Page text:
Yay, whales!!
Next up was the Big Island. We stayed in our own little cottage at the Volcano Rainforest Retreat. The Big Island was colder than Maui, and we needed the gas fireplace in our room at night. I originally wanted to go to the Big Island because I wanted to see lava. I don't mean old lava. I mean flowing, hot lava. I wanted to get right up next to it and feel the heat. I wanted to watch it pour into the sea, setting off clouds of steam. Guess what? There hasn't been active lava flow to the sea in years! And the current active lava flow is tiny and inaccessible to people. Sigh. It was still cool.

Kilauea at sunset

We went to Volcanoes National Park and saw the smoke billowing out of Kilauea and the lava glow. We couldn't see into the crater to see the lava, though. We drove around the park on Chain of Craters Road through a sea of old lava. You could even look down and see the path it took to the sea. We also saw nene! I was excited to see nene. They're endangered Hawaiian geese, and they really didn't care that we were there.


We saw a couple more black sand beaches on the Big Island; one had turtles basking in the sun. We also checked out Puuhonua O Honaunau National Park, which was an interesting place. Dave said it "looked like Hawaii."

Hawaiian sea turtles, or honu

We checked out the Imiloa Astronomy Center, which had interesting exhibits about navigating across the ocean using the stars, before we headed up to the summit of Mauna Kea, 14,000 feet up! The guide warned us to be careful and not move around too quickly because some people have a hard time adjusting to the altitude and pass out. Also, it was freezing up there!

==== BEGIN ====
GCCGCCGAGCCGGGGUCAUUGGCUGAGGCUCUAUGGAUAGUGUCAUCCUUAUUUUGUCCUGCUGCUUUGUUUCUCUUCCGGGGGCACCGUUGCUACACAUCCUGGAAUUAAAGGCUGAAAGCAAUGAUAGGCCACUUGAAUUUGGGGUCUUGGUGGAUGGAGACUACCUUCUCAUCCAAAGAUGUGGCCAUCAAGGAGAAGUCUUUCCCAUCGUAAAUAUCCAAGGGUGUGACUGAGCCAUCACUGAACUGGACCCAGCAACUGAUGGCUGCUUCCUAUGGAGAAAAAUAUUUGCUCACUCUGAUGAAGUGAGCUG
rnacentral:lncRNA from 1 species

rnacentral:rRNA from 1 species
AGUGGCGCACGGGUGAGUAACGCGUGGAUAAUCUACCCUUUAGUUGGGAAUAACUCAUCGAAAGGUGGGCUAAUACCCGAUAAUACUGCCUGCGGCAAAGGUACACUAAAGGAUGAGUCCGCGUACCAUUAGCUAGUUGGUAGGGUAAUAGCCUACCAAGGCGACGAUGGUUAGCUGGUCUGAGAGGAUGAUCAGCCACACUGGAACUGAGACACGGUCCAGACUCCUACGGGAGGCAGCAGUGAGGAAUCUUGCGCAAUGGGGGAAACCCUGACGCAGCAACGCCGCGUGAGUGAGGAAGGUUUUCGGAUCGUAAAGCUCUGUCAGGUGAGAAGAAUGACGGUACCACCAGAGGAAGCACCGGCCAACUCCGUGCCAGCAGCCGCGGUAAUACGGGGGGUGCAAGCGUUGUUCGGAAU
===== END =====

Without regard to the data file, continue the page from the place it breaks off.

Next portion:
me and Dave at the summit of Mauna Kea

You can see what we're wearing. It was windy and cold. I really enjoyed seeing observatories that I've seen in astronomy documentaries and tv shows! As the sun set, they were opening up to turn their telescopes to the sky.

I learned some cool things about the observatories and how important they are to the Big Island. The road up Mauna Kea from the information center to the summit is eight miles. The first half is gravel, but the last four miles are paved so dust isn't thrown up into the sky where it would cloud up the clear air the telescopes need. Also, the street lights on the Big Island are special yellow sodium lights that cut down on light pollution and are better for astronomy. Neat!

Once it was dark, we stayed on Mauna Kea but came down from the highest altitude to look through a telescope. It was the most powerful telescope I've ever used. We saw a whole bunch of cool stuff, like the Orion nebula, the Andromeda galaxy, and the moon. We also saw a bunch of shooting stars, including a long bright one. The guide said that shooting stars were common at that altitude- no special meteor shower necessary.

Relaxing after whale watching on Maui
I'm closing with a photo taken on Maui that I feel captures the trip. We sat at this table and had lunch after we went whale watching.

Hawaii was full of adventures but also relaxing. I could sit on the lanai of our room in Maui and look out at the ocean as I drank coffee in the morning or watched the sun set at night. Everywhere was beautiful. I kept saying to Dave, "It's so pretty!" We were never far from the soothing sound of the ocean. But there was also so much to do and see and explore. It was fantastic.


  1. Great pics, Jen! Sounds like a dream vacation with lots of wonderful memories :)